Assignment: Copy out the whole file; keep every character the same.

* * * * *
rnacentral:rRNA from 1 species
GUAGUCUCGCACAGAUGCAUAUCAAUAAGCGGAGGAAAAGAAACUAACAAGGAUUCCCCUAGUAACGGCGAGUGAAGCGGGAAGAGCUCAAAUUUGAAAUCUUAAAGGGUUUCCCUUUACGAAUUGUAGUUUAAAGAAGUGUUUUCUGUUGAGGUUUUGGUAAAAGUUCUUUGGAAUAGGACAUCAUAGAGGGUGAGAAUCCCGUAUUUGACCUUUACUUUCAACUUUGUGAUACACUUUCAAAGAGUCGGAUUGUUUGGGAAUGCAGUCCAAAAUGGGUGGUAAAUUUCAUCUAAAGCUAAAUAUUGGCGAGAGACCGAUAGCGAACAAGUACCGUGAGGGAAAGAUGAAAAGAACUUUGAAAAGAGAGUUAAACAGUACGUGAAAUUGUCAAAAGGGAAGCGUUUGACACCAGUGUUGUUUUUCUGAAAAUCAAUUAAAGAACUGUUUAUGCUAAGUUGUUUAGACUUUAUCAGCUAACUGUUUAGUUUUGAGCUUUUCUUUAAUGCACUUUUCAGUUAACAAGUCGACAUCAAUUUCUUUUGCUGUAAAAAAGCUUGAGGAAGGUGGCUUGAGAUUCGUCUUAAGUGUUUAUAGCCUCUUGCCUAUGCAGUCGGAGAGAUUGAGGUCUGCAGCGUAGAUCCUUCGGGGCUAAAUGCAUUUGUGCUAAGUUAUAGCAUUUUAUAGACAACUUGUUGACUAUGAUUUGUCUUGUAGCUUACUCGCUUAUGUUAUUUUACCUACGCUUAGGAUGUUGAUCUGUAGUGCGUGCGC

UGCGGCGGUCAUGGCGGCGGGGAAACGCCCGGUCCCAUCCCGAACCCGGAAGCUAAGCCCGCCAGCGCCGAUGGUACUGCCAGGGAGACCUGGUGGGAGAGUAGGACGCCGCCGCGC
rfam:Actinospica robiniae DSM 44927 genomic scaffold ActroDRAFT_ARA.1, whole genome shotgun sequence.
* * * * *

rnacentral:rRNA from 1 species
GUAGUCUCGCACAGAUGCAUAUCAAUAAGCGGAGGAAAAGAAACUAACAAGGAUUCCCCUAGUAACGGCGAGUGAAGCGGGAAGAGCUCAAAUUUGAAAUCUUAAAGGGUUUCCCUUUACGAAUUGUAGUUUAAAGAAGUGUUUUCUGUUGAGGUUUUGGUAAAAGUUCUUUGGAAUAGGACAUCAUAGAGGGUGAGAAUCCCGUAUUUGACCUUUACUUUCAACUUUGUGAUACACUUUCAAAGAGUCGGAUUGUUUGGGAAUGCAGUCCAAAAUGGGUGGUAAAUUUCAUCUAAAGCUAAAUAUUGGCGAGAGACCGAUAGCGAACAAGUACCGUGAGGGAAAGAUGAAAAGAACUUUGAAAAGAGAGUUAAACAGUACGUGAAAUUGUCAAAAGGGAAGCGUUUGACACCAGUGUUGUUUUUCUGAAAAUCAAUUAAAGAACUGUUUAUGCUAAGUUGUUUAGACUUUAUCAGCUAACUGUUUAGUUUUGAGCUUUUCUUUAAUGCACUUUUCAGUUAACAAGUCGACAUCAAUUUCUUUUGCUGUAAAAAAGCUUGAGGAAGGUGGCUUGAGAUUCGUCUUAAGUGUUUAUAGCCUCUUGCCUAUGCAGUCGGAGAGAUUGAGGUCUGCAGCGUAGAUCCUUCGGGGCUAAAUGCAUUUGUGCUAAGUUAUAGCAUUUUAUAGACAACUUGUUGACUAUGAUUUGUCUUGUAGCUUACUCGCUUAUGUUAUUUUACCUACGCUUAGGAUGUUGAUCUGUAGUGCGUGCGC

UGCGGCGGUCAUGGCGGCGGGGAAACGCCCGGUCCCAUCCCGAACCCGGAAGCUAAGCCCGCCAGCGCCGAUGGUACUGCCAGGGAGACCUGGUGGGAGAGUAGGACGCCGCCGCGC
rfam:Actinospica robiniae DSM 44927 genomic scaffold ActroDRAFT_ARA.1, whole genome shotgun sequence.